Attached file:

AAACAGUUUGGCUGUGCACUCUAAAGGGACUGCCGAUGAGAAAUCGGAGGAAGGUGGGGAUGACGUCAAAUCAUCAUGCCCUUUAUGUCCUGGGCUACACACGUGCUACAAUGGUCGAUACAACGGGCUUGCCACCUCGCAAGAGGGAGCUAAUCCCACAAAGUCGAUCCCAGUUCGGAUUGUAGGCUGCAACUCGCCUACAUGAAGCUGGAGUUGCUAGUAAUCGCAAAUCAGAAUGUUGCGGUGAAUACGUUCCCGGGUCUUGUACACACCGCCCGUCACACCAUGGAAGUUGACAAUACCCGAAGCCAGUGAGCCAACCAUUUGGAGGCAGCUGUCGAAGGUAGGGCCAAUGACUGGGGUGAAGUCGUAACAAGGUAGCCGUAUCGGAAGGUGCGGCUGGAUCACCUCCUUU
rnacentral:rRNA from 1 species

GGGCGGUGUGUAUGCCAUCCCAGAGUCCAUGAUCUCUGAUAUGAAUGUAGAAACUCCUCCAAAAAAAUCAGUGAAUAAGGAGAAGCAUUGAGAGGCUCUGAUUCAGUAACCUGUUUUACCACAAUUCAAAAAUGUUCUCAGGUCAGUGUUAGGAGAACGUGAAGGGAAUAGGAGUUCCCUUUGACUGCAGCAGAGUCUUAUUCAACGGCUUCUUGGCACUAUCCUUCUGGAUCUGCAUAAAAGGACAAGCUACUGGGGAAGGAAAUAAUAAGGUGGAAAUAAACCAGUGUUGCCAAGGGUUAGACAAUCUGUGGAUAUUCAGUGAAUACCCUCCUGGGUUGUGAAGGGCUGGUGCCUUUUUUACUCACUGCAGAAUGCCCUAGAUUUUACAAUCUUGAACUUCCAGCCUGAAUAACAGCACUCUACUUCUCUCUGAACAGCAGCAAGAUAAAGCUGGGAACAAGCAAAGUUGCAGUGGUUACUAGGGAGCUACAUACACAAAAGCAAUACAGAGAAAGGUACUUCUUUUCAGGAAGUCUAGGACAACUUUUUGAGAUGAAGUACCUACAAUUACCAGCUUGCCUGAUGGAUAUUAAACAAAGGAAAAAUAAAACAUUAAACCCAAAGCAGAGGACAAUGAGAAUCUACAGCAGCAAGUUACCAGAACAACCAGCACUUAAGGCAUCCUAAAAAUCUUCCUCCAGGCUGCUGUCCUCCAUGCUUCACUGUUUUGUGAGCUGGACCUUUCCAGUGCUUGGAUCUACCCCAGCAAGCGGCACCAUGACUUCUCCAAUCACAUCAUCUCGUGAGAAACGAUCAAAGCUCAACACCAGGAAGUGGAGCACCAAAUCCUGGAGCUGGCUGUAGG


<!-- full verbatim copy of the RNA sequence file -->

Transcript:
AAACAGUUUGGCUGUGCACUCUAAAGGGACUGCCGAUGAGAAAUCGGAGGAAGGUGGGGAUGACGUCAAAUCAUCAUGCCCUUUAUGUCCUGGGCUACACACGUGCUACAAUGGUCGAUACAACGGGCUUGCCACCUCGCAAGAGGGAGCUAAUCCCACAAAGUCGAUCCCAGUUCGGAUUGUAGGCUGCAACUCGCCUACAUGAAGCUGGAGUUGCUAGUAAUCGCAAAUCAGAAUGUUGCGGUGAAUACGUUCCCGGGUCUUGUACACACCGCCCGUCACACCAUGGAAGUUGACAAUACCCGAAGCCAGUGAGCCAACCAUUUGGAGGCAGCUGUCGAAGGUAGGGCCAAUGACUGGGGUGAAGUCGUAACAAGGUAGCCGUAUCGGAAGGUGCGGCUGGAUCACCUCCUUU
rnacentral:rRNA from 1 species

GGGCGGUGUGUAUGCCAUCCCAGAGUCCAUGAUCUCUGAUAUGAAUGUAGAAACUCCUCCAAAAAAAUCAGUGAAUAAGGAGAAGCAUUGAGAGGCUCUGAUUCAGUAACCUGUUUUACCACAAUUCAAAAAUGUUCUCAGGUCAGUGUUAGGAGAACGUGAAGGGAAUAGGAGUUCCCUUUGACUGCAGCAGAGUCUUAUUCAACGGCUUCUUGGCACUAUCCUUCUGGAUCUGCAUAAAAGGACAAGCUACUGGGGAAGGAAAUAAUAAGGUGGAAAUAAACCAGUGUUGCCAAGGGUUAGACAAUCUGUGGAUAUUCAGUGAAUACCCUCCUGGGUUGUGAAGGGCUGGUGCCUUUUUUACUCACUGCAGAAUGCCCUAGAUUUUACAAUCUUGAACUUCCAGCCUGAAUAACAGCACUCUACUUCUCUCUGAACAGCAGCAAGAUAAAGCUGGGAACAAGCAAAGUUGCAGUGGUUACUAGGGAGCUACAUACACAAAAGCAAUACAGAGAAAGGUACUUCUUUUCAGGAAGUCUAGGACAACUUUUUGAGAUGAAGUACCUACAAUUACCAGCUUGCCUGAUGGAUAUUAAACAAAGGAAAAAUAAAACAUUAAACCCAAAGCAGAGGACAAUGAGAAUCUACAGCAGCAAGUUACCAGAACAACCAGCACUUAAGGCAUCCUAAAAAUCUUCCUCCAGGCUGCUGUCCUCCAUGCUUCACUGUUUUGUGAGCUGGACCUUUCCAGUGCUUGGAUCUACCCCAGCAAGCGGCACCAUGACUUCUCCAAUCACAUCAUCUCGUGAGAAACGAUCAAAGCUCAACACCAGGAAGUGGAGCACCAAAUCCUGGAGCUGGCUGUAGG